The Phonetics Laboratory is specially equipped for the study of speech production, speech acoustics, and speech perception. The laboratory has special equipment and various software for advanced phonetic experiments. The equipment and software include an anechoic chamber for high-quality recordings of speech material, perception experiments, and the calibration of recording and analytical equipment without noticeable interference from unwanted sound sources or acoustic reflections from the ceiling, floors, and walls. The chamber has equipment for high-quality recordings, as well as for measuring and registering speech-related orofacial movements.

Web site:

Corpora and resources 

The department provides various linguistic data resources that are useful for empirical language research, primarily in the form of “corpora”, or language databases, that represent different types of texts. Corpora may include modern or older texts, or spoken language that has been recorded and transcribed into text form, such as children’s or adults’ language learning and/or use.  The text is usually annotated, or “tagged”, which means that it is marked with and connected to various types of metadata, such as grammatical categories or comments. See also Språkstudion, under the Department of Language Education, which provides corpora for researchers in various languages. 

Web site:

Stockholm Babylab 

Some of the research facilities in the Phonetics Laboratory have been specially adapted for research on the linguistic development of infants. Studies of infant perception require special testing methods that utilise children’s natural curiosity and playfulness. Four different methods are used primarily to study speech perception in small children. The Stockholm Babylab research facilities include systems for EEG registration, eye-tracking measurements, High-Amplitude Sucking (HAS), and Head-Turn Procedure. The space is designed specifically to create a comfortable environment for the children and parents who participate in our studies. Next to the lab, there is a waiting room with toilets and facilities for changing diapers.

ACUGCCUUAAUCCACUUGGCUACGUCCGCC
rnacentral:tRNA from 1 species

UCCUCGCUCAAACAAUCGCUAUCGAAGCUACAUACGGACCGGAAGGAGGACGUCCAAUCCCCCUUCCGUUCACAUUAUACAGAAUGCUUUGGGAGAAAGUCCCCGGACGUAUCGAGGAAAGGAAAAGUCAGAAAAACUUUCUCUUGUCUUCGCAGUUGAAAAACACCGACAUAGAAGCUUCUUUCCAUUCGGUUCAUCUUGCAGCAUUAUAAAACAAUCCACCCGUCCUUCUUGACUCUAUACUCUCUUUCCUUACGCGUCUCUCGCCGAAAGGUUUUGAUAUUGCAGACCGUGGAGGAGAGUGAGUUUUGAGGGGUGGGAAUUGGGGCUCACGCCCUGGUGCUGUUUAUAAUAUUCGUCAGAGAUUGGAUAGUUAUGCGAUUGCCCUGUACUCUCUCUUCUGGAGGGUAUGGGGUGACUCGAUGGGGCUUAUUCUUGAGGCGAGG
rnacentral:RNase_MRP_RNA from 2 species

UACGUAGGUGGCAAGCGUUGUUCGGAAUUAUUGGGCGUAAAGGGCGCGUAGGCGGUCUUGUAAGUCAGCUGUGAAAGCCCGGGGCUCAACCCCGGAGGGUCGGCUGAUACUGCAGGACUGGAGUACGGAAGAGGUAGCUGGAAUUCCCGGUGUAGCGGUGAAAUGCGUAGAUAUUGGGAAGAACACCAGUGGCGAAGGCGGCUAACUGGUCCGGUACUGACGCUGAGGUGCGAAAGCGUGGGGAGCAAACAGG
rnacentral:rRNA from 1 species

Web site:


Stockholm University Brain Imaging Centre (SUBIC) is a new strategic initiative by Stockholm University. SUBIC will provide an infrastructure for brain imaging research with a focus on human and animal brain functions. The research conducted at SUBIC will cover linguistic and behavioural fields in the humanities and social sciences, as well as law, zoology, mathematics and other disciplines in the natural sciences. Contact person: Francisco Lacerda

Web site:

Swedish Sign Language Dictionary 

The long-term goal of the “Swedish Sign Language Dictionary” is to publish a complete sign language dictionary. The lexicographic group at the Sign Language Section, Department of Linguistics at Stockholm University, has documented about 15,000 signs. This lexical database, which was made freely available online on 18 December 2008, is updated continuously with new signs. Most of the signs are accompanied by sign demonstrations, sign variations, usage examples, and photo illustrations. There are many criteria to search by, including word, translation, other meanings of the sign, alternative signs, handshape, and subject area. For most buttons, you can receive more information about what the button can do by holding the mouse pointer over it.Web site:


Språkstudion – Language Learning Resource Centre 

Språkstudion is a faculty-wide resource centre that provides tools and environments for formal and informal language development and accommodates advanced digital infrastructure for teaching, examinations and research. Språkstudion provides research databases for language researchers for both internal and external access, and several pronunciation and listening tests have been carried out within research projects in the unit’s computer rooms or through its digital channels. In addition, Språkstudion has a well-equipped recording studio with professional recording equipment for audio and video, including a large green screen. Språkstudion provides expertise on technology, pedagogy, and research design, and its staff is happy to discuss the format and content of your productions. The recording studio is available for bookings by departments within the Faculty of Humanities, as well as other departments and support functions at the University.

Contact person: Christine Ericsdotter Nordgren